A year to the day after he had to announce that his network had had "a really bad fall," NBC entertainment chairman Bob Greenblatt returned to the Television Critics Association winter press tour Sunday to talk about NBC's rise to TV's top-rated network this season.
He also answered questions about how NBC is responding to the mass shooting in Newtown, Conn., and to note that his network's audience is getting younger even as those of others — including the youth-targeted CW — are aging.
He also referenced a recent comment by Fox entertainment chief Kevin Reilly that some in the TV industry "have our head up our ass."
"We don't have our heads up our asses," Greenblatt said.
He also brought out some numbers to prove it.
As Greenblatt noted, NBC was the only network to grow in both the key 18-49 demographic and total viewers this fall, and was the top-rated network in the demo. It was still No. 2 to CBS in total viewers.
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But NBC gained largely on the strength of Sunday Night Football — which is ending for the season — and "The Voice," which is leaving the airwaves until the spring. Greenblatt conceded, as he has before, that NBC will have a harder road without them. But for now, he took the opportunity to point say that NBC's strategy under his watch seems to have worked.
That strategy called for using the Summer Olympics to promote NBC's fall lineup, premiering fall shows earlier, and using "The Voice," the network's biggest hit, as a ratings weapons.
"The Voice" has given NBC huge gains on Mondays and Tuesdays, and helped launch the new hit "Revolution" — though "Revolution," like "The Voice," is also taking a midseason break. It will be back in March.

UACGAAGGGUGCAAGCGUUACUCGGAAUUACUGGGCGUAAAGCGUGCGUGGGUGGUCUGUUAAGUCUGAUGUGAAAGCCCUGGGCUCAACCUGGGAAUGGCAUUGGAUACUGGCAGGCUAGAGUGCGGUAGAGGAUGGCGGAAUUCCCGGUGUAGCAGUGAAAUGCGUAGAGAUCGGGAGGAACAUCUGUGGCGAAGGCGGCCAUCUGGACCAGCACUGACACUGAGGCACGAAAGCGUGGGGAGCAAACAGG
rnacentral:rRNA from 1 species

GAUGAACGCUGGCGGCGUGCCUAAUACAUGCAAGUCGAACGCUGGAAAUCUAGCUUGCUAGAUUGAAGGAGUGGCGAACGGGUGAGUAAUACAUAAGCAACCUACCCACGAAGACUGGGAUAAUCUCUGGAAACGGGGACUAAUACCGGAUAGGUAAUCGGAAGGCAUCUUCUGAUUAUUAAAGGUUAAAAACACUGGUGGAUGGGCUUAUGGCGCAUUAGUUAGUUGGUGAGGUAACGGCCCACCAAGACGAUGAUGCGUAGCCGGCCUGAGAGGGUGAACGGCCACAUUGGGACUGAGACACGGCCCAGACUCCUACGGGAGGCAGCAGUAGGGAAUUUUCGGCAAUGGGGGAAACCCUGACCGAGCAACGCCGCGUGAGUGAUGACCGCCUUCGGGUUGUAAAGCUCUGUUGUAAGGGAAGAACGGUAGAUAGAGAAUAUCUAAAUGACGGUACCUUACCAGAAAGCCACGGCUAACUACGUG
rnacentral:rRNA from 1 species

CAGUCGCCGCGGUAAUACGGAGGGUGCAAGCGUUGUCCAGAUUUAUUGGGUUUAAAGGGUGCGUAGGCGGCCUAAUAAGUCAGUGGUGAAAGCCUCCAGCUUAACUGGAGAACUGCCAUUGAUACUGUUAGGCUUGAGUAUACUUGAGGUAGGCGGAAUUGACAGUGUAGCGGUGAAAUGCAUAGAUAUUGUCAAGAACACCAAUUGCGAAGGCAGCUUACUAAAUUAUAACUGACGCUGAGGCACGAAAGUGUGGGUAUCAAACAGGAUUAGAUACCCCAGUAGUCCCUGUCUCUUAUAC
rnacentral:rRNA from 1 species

NBC isn't just improving in the ratings, Greenblatt said: It's average audience age is also getting younger. That's important because the 18-49 demo is prized by advertisers.
NBC's median age is 48.4 years, down from 49. CBS is at 56.4, ABC is at 53.2 and Fox is at 45.6, he said. The network's audience getting younger is important because advertisers most cherish viewers who are 18-49.
"Even the CW is up to 41.2, which is almost four years higher than it was last season," he said. "Did anyone think that the network once known for its teenage profile would have a median age of 41?"
He also fielded a question on NBC's response to the Newtown shootings. Many shows on other networks carried messages warning about violent content in the days after the shootings, and the NRA has claimed films and video games inspire violence.
Greenblatt and NBC entertainment president Jennifer Salke said the network didn't need to revamp its shows in light of the violence, because they weren't very violent to begin with.
"I mean, most people have children at this network and really care about the shows that we’re putting out there. And, you know, so it’s always on our mind. This just kind of really brought it to the forefront. And I would say, you know, the best tonic for not to be glib, but for this kind of thing is go watch an episode of 'Parenthood' as a really great example of a show about a family who love each other and grapple with all of the issues in life. And ultimately, I think you feel good at the end of the day."
He added: "You know, there’s an hour answer to that question, but we’re conscious of the amount of violence and the amount of edge in our shows. Obviously, in the cable world you can do all kinds of things that are no holds barred. There still is there are a lot of parameters in broadcast television that we think about, not only as a company that has responsibilities to the FCC, but as people who have families."